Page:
So this is why Jury Team want there to be some independents - people who are free of party shackles, to criticise the government on an individual basis and to make decisions based not on pre-conceived ideologies but on their own conscience, why should there only be two (ok three, Lib-Dems) voices in the commons when you could probably find 20 different ones on any given high street?

Sounds pretty idealistic - but like I say, that was how parliament once worked, and while we have addressed the issue of voting rights, we have never addressed how the main debating chamber can best serve the people

Of course the problem here is Jury Team stand little chance of getting even one candidate into the real parliament - they would need to convince twenty or thirty thousand people in one very small area to vote for them, theoretically they could get a million votes nationally - but not a single seat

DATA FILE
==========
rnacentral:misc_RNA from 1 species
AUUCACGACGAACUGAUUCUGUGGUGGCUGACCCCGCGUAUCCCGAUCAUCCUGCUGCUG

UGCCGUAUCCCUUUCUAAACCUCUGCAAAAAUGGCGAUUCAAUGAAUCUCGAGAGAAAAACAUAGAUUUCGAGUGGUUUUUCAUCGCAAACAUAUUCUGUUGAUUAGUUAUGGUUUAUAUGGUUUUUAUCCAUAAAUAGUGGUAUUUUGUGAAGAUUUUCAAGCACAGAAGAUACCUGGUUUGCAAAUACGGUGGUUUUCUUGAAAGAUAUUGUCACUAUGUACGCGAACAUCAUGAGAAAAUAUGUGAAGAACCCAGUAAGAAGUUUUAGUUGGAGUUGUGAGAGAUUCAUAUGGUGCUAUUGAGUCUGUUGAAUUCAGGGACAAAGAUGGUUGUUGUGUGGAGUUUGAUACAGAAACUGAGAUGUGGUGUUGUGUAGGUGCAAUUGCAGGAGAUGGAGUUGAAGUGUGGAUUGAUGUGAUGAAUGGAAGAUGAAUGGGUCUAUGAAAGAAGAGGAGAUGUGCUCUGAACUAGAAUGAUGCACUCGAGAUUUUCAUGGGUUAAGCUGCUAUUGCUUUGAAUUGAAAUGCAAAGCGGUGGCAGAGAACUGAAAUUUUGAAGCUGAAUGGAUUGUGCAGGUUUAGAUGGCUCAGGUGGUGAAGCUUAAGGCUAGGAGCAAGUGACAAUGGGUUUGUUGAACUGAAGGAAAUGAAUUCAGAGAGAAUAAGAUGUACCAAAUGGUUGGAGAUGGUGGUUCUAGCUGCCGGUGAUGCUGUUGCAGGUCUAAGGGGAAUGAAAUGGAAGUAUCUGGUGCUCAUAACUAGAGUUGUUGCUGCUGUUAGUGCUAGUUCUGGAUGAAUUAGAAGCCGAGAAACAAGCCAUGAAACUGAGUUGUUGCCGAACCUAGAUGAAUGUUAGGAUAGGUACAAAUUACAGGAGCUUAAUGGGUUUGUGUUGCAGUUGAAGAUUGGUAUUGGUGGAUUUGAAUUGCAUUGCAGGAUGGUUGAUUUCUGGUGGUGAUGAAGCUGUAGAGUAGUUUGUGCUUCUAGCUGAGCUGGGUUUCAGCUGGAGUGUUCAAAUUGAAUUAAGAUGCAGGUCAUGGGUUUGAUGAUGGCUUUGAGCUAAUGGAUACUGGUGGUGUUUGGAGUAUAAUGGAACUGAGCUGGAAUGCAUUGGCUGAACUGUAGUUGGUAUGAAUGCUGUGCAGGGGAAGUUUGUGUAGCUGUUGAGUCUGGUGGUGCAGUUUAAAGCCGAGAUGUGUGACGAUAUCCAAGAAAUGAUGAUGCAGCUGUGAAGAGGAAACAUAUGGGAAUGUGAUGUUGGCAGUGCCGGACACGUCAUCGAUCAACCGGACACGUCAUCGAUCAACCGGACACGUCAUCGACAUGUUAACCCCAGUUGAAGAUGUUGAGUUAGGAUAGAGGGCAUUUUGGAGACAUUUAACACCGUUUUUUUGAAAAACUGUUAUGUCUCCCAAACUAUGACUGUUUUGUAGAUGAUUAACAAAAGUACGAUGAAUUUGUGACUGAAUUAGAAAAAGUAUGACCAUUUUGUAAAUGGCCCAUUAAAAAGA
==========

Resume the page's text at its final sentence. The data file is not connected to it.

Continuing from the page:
So they are planning to utilise the European parliament - which uses the proportional representation system (PR) - whereby the percentage of the vote dictates how many people a party send, this has resulted in us sending UKIP and Green members to Europe, but never to parliament

Where they plan to go from there is anyone's guess - MEPs are, I'm sorry to say, political nobodies - the Westminster parliament is sovereign and isn't going to be altered from Brussels or Strasbourg anytime soon

What it will provide is some extra funding and awareness - but I remain skeptical, no other small parties have succeeded in breaching Westminster (with the exception of the odd defected party MP, which is simply more proof of party hegemony)

But one must not give up hope - how else do we do it? Britain has yet to experience a violent revolution and I really don't advocate one...unless Brown refuses us an election

We must find a way to get thought back into politics, there is a possible chance right now - with Labour and the Tories unappealling to much of the population it may be possible to appeal to the Labour areas in particular - places where the BNP are doing well due to the lack of support for the major parties, where there is little hope and change is welcome

All I know is that few people in the commons appeal to me, and when they do it's a bloody miracle - despite the fact that I can often find decent opinion in the media, and the undemocratic House of Lords, odd huh

It's time for a change and I support anything that aims to improve this situation (peacefully)